Wednesday, June 24, 2015

Polling reflects the ACA's tough tradeoffs

A couple of thoughts* about Kaiser's recent analysis of its most recent survey of those who bought their insurance in the individual market in 2015, on exchange or off-exchange, ACA-compliant or not. To review some key points first (some from the original survey report, others from the analysis):

1) a slight majority of individual market buyers do not qualify for ACA subsidies;
2) among those who bought ACA-compliant plans off-exchange, 30% say the law has helped them and 40% say it's harmed them;
3) those who remain in grandfathered or grandmothered non-compliant plans are predictably super-negative -- their helped/harmed split is 8-41;
4) conversely, those who bought subsidized on-exchange plans say the law has helped rather than harmed them by a 57-25 margin; and
5) among all surveyed nongroup market participants taken together, ratings are modestly positive: the helped/harmed split is 40-33, and favorable views of the ACA outnumber unfavorable views 51-43.

On the whole, the strong positive views of subsidized marketplace customers outweigh the not-quite-so-strongly negative views of the slight majority of nongroup market customers who are unsubsidized. Of course, those nongroup market participants who view the ACA positively are a lot poorer than those who view it negatively -- most of them are what the National Health Interview Survey (NHIS) deem the "near-poor," with incomes between 100-200% FPL.  These reactions illustrate the tough tradeoffs that Democrats embraced in crafting and passing the ACA. In brief, they raised prices on the then-majority of long-term nongroup market participants to protect those with preexisting conditions (which eventually could be any of us) while subsidizing access to those who were previously priced out. Republicans would like to unwind those tradeoffs but not make any of their own to expand access beyond where it was in 2010.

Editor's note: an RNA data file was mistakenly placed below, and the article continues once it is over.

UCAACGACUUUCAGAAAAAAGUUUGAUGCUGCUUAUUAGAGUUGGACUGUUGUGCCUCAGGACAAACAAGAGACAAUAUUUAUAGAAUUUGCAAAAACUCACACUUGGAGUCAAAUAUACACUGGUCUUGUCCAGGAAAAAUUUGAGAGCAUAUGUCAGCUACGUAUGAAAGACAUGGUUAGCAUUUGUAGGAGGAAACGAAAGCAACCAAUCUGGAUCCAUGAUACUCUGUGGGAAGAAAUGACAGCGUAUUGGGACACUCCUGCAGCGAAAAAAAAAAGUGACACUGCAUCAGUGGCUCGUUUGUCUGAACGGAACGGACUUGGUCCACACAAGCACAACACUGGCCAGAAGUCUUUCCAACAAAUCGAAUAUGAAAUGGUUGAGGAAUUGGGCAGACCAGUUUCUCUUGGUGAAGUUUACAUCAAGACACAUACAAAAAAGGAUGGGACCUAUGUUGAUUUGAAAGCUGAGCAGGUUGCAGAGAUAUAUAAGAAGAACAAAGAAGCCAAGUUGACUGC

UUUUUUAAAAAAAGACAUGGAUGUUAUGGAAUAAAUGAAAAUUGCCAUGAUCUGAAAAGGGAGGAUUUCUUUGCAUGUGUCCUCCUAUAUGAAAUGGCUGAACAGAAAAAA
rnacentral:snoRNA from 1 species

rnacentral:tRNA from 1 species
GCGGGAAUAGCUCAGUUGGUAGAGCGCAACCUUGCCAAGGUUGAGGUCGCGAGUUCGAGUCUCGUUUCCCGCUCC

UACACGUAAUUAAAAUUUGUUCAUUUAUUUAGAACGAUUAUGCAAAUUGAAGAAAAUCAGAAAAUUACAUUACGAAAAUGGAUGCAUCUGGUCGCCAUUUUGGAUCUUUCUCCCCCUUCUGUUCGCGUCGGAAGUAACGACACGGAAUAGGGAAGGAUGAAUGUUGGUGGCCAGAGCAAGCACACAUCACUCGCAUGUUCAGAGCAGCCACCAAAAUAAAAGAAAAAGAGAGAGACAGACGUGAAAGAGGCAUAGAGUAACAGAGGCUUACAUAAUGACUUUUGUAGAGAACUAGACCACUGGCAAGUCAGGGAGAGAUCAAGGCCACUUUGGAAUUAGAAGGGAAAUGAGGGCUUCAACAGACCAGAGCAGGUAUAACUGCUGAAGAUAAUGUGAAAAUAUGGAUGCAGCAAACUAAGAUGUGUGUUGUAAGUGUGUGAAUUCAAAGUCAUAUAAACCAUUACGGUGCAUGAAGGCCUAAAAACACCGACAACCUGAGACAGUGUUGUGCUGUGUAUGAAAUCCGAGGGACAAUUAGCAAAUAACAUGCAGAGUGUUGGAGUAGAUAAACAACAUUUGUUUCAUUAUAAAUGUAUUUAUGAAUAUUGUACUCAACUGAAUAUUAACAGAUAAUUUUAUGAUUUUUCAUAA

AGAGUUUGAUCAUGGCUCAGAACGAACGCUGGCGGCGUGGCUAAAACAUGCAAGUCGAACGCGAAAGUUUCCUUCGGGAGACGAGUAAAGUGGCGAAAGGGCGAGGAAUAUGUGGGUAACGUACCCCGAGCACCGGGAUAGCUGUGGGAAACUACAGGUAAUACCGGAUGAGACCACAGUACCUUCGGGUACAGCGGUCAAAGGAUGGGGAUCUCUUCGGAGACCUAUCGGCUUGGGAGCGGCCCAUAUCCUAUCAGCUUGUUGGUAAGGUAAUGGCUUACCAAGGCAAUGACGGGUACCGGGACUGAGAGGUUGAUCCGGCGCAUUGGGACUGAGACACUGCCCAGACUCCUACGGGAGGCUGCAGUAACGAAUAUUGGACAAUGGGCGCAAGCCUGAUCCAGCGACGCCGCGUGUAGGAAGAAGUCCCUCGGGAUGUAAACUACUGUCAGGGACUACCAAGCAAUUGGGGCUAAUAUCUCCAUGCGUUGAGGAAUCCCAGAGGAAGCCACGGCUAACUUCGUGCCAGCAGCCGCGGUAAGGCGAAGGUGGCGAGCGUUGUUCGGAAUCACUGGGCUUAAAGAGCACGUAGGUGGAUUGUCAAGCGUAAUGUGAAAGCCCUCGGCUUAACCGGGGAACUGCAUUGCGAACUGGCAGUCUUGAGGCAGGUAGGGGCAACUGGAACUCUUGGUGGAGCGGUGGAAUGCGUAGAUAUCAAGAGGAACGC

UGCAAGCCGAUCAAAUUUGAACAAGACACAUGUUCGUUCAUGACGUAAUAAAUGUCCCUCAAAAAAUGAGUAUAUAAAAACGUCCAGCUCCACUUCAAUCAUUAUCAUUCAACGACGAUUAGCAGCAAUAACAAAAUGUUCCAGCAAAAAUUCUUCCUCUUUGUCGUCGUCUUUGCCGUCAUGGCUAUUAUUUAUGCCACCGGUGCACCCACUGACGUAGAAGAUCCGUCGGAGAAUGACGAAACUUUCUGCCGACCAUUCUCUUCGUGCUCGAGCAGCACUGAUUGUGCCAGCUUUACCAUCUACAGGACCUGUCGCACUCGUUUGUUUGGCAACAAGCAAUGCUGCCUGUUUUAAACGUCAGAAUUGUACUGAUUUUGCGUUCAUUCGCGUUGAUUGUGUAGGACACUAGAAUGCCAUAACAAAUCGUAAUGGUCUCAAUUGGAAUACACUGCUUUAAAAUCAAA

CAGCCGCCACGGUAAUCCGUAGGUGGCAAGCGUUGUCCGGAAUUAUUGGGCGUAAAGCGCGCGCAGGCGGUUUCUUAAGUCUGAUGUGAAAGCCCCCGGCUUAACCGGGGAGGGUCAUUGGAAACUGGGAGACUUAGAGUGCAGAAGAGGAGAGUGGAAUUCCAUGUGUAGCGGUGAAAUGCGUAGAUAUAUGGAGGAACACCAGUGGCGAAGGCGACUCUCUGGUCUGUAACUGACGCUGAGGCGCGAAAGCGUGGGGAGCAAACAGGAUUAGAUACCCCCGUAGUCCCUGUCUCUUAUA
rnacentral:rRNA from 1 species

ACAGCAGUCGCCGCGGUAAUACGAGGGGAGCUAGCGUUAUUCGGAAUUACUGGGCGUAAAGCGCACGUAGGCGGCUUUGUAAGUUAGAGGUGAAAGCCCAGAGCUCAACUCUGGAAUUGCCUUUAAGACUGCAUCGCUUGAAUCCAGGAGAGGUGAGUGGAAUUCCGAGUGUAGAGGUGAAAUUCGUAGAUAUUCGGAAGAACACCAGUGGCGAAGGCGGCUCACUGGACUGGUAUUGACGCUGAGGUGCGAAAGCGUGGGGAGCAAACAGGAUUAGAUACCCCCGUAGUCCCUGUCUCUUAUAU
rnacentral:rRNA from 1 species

This post began as an update to my recent post exploring why the ACA's overall approval ratings remain negative (though a couple of recent polls have the law in slightly positive territory). 

1 comment:

  1. Well done as usual, Andrew. They don't pay you enough for your insights.

    One slight but interesting correction to your point about the tradeoffs the Democrats made.

    Obama's speeches in 2009 described a world where even the existing non group market participants would benefit from the ACA. Over 10 times he told audiences that everyone's insurance premiums would go down.

    Was he completely cynical? Or just out of touch? Or was he reflecting an old talking point of the left that if we would cover the uninsured, hospitals and doctors could lower their prices and that this would drive down insurance premiums?

    comments welcome